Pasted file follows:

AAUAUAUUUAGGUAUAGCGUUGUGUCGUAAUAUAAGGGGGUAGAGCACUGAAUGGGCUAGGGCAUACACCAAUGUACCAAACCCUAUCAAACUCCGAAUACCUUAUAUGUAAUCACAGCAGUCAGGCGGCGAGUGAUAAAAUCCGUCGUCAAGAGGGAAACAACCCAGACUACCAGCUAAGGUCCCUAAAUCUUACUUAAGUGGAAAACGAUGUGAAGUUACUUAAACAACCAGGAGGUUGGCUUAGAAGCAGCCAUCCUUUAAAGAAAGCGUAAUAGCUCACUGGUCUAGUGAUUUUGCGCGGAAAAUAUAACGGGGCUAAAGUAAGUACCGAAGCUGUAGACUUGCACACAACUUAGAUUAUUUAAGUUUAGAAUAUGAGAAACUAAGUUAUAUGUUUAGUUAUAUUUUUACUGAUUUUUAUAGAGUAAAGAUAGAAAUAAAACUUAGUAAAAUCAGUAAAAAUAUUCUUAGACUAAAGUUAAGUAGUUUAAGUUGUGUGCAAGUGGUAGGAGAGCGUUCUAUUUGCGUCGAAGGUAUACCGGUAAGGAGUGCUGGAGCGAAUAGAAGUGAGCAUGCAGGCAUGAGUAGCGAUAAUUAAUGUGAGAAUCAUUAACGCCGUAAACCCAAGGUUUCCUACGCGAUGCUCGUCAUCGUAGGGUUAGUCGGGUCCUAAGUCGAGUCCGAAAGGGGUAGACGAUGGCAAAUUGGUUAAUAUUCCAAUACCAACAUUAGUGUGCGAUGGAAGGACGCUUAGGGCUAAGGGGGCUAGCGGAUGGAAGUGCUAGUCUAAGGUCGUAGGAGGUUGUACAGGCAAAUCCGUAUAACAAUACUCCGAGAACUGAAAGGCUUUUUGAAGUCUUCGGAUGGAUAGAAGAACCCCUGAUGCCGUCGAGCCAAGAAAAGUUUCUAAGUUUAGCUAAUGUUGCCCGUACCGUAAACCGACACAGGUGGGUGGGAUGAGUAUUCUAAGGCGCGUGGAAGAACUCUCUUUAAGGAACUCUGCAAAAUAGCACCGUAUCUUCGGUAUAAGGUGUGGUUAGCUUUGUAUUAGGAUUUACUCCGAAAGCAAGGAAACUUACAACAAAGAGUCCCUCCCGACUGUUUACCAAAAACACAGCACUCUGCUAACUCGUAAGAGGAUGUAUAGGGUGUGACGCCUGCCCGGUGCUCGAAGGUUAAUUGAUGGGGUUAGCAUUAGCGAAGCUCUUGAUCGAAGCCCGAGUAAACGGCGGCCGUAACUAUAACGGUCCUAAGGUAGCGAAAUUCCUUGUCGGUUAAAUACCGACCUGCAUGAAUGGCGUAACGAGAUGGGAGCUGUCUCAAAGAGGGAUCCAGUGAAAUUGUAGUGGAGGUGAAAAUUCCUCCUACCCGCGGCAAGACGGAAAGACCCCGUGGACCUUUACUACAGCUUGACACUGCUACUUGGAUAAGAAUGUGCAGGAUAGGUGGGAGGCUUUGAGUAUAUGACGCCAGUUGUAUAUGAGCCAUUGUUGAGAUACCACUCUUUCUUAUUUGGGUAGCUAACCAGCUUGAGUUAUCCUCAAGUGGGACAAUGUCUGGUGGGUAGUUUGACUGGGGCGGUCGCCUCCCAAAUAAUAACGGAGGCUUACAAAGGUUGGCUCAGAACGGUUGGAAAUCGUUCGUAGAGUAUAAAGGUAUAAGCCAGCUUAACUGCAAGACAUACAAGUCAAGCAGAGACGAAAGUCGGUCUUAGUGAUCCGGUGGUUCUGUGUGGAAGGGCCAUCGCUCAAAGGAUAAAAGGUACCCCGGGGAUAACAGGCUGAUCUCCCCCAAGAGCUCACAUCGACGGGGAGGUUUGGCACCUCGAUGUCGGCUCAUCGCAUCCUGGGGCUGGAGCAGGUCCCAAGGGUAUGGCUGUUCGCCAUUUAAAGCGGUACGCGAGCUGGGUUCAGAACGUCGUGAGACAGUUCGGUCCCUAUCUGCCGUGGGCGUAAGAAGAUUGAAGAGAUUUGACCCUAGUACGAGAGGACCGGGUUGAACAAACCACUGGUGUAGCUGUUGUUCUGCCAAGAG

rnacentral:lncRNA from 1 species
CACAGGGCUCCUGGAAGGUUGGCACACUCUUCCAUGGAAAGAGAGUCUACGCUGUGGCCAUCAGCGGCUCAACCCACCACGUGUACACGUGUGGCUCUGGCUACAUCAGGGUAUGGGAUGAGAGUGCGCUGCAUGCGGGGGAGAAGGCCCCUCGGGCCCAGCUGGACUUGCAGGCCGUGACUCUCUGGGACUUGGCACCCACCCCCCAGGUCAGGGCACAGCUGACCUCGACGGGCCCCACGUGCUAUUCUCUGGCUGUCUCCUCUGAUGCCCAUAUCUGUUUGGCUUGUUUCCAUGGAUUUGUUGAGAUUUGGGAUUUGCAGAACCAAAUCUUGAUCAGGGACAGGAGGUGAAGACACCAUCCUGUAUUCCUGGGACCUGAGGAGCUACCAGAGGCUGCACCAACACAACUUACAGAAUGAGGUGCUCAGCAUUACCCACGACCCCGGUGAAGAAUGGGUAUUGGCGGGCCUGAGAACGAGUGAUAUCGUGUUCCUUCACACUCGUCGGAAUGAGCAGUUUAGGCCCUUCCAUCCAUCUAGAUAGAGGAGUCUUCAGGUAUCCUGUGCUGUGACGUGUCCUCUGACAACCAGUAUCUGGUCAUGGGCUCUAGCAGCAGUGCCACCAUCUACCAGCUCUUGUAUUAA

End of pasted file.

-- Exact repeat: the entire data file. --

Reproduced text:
AAUAUAUUUAGGUAUAGCGUUGUGUCGUAAUAUAAGGGGGUAGAGCACUGAAUGGGCUAGGGCAUACACCAAUGUACCAAACCCUAUCAAACUCCGAAUACCUUAUAUGUAAUCACAGCAGUCAGGCGGCGAGUGAUAAAAUCCGUCGUCAAGAGGGAAACAACCCAGACUACCAGCUAAGGUCCCUAAAUCUUACUUAAGUGGAAAACGAUGUGAAGUUACUUAAACAACCAGGAGGUUGGCUUAGAAGCAGCCAUCCUUUAAAGAAAGCGUAAUAGCUCACUGGUCUAGUGAUUUUGCGCGGAAAAUAUAACGGGGCUAAAGUAAGUACCGAAGCUGUAGACUUGCACACAACUUAGAUUAUUUAAGUUUAGAAUAUGAGAAACUAAGUUAUAUGUUUAGUUAUAUUUUUACUGAUUUUUAUAGAGUAAAGAUAGAAAUAAAACUUAGUAAAAUCAGUAAAAAUAUUCUUAGACUAAAGUUAAGUAGUUUAAGUUGUGUGCAAGUGGUAGGAGAGCGUUCUAUUUGCGUCGAAGGUAUACCGGUAAGGAGUGCUGGAGCGAAUAGAAGUGAGCAUGCAGGCAUGAGUAGCGAUAAUUAAUGUGAGAAUCAUUAACGCCGUAAACCCAAGGUUUCCUACGCGAUGCUCGUCAUCGUAGGGUUAGUCGGGUCCUAAGUCGAGUCCGAAAGGGGUAGACGAUGGCAAAUUGGUUAAUAUUCCAAUACCAACAUUAGUGUGCGAUGGAAGGACGCUUAGGGCUAAGGGGGCUAGCGGAUGGAAGUGCUAGUCUAAGGUCGUAGGAGGUUGUACAGGCAAAUCCGUAUAACAAUACUCCGAGAACUGAAAGGCUUUUUGAAGUCUUCGGAUGGAUAGAAGAACCCCUGAUGCCGUCGAGCCAAGAAAAGUUUCUAAGUUUAGCUAAUGUUGCCCGUACCGUAAACCGACACAGGUGGGUGGGAUGAGUAUUCUAAGGCGCGUGGAAGAACUCUCUUUAAGGAACUCUGCAAAAUAGCACCGUAUCUUCGGUAUAAGGUGUGGUUAGCUUUGUAUUAGGAUUUACUCCGAAAGCAAGGAAACUUACAACAAAGAGUCCCUCCCGACUGUUUACCAAAAACACAGCACUCUGCUAACUCGUAAGAGGAUGUAUAGGGUGUGACGCCUGCCCGGUGCUCGAAGGUUAAUUGAUGGGGUUAGCAUUAGCGAAGCUCUUGAUCGAAGCCCGAGUAAACGGCGGCCGUAACUAUAACGGUCCUAAGGUAGCGAAAUUCCUUGUCGGUUAAAUACCGACCUGCAUGAAUGGCGUAACGAGAUGGGAGCUGUCUCAAAGAGGGAUCCAGUGAAAUUGUAGUGGAGGUGAAAAUUCCUCCUACCCGCGGCAAGACGGAAAGACCCCGUGGACCUUUACUACAGCUUGACACUGCUACUUGGAUAAGAAUGUGCAGGAUAGGUGGGAGGCUUUGAGUAUAUGACGCCAGUUGUAUAUGAGCCAUUGUUGAGAUACCACUCUUUCUUAUUUGGGUAGCUAACCAGCUUGAGUUAUCCUCAAGUGGGACAAUGUCUGGUGGGUAGUUUGACUGGGGCGGUCGCCUCCCAAAUAAUAACGGAGGCUUACAAAGGUUGGCUCAGAACGGUUGGAAAUCGUUCGUAGAGUAUAAAGGUAUAAGCCAGCUUAACUGCAAGACAUACAAGUCAAGCAGAGACGAAAGUCGGUCUUAGUGAUCCGGUGGUUCUGUGUGGAAGGGCCAUCGCUCAAAGGAUAAAAGGUACCCCGGGGAUAACAGGCUGAUCUCCCCCAAGAGCUCACAUCGACGGGGAGGUUUGGCACCUCGAUGUCGGCUCAUCGCAUCCUGGGGCUGGAGCAGGUCCCAAGGGUAUGGCUGUUCGCCAUUUAAAGCGGUACGCGAGCUGGGUUCAGAACGUCGUGAGACAGUUCGGUCCCUAUCUGCCGUGGGCGUAAGAAGAUUGAAGAGAUUUGACCCUAGUACGAGAGGACCGGGUUGAACAAACCACUGGUGUAGCUGUUGUUCUGCCAAGAG

rnacentral:lncRNA from 1 species
CACAGGGCUCCUGGAAGGUUGGCACACUCUUCCAUGGAAAGAGAGUCUACGCUGUGGCCAUCAGCGGCUCAACCCACCACGUGUACACGUGUGGCUCUGGCUACAUCAGGGUAUGGGAUGAGAGUGCGCUGCAUGCGGGGGAGAAGGCCCCUCGGGCCCAGCUGGACUUGCAGGCCGUGACUCUCUGGGACUUGGCACCCACCCCCCAGGUCAGGGCACAGCUGACCUCGACGGGCCCCACGUGCUAUUCUCUGGCUGUCUCCUCUGAUGCCCAUAUCUGUUUGGCUUGUUUCCAUGGAUUUGUUGAGAUUUGGGAUUUGCAGAACCAAAUCUUGAUCAGGGACAGGAGGUGAAGACACCAUCCUGUAUUCCUGGGACCUGAGGAGCUACCAGAGGCUGCACCAACACAACUUACAGAAUGAGGUGCUCAGCAUUACCCACGACCCCGGUGAAGAAUGGGUAUUGGCGGGCCUGAGAACGAGUGAUAUCGUGUUCCUUCACACUCGUCGGAAUGAGCAGUUUAGGCCCUUCCAUCCAUCUAGAUAGAGGAGUCUUCAGGUAUCCUGUGCUGUGACGUGUCCUCUGACAACCAGUAUCUGGUCAUGGGCUCUAGCAGCAGUGCCACCAUCUACCAGCUCUUGUAUUAA